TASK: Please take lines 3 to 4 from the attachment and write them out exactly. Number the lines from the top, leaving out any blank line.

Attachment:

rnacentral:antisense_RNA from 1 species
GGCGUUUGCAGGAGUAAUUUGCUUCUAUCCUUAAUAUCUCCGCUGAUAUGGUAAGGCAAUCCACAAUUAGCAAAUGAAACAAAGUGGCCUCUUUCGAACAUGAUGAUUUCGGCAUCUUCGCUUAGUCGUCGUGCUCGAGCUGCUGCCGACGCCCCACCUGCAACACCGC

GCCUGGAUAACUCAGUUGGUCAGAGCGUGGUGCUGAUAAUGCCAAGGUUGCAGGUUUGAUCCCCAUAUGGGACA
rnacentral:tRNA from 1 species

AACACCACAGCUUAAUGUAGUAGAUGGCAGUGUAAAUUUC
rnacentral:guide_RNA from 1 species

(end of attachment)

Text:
GCCUGGAUAACUCAGUUGGUCAGAGCGUGGUGCUGAUAAUGCCAAGGUUGCAGGUUUGAUCCCCAUAUGGGACA
rnacentral:tRNA from 1 species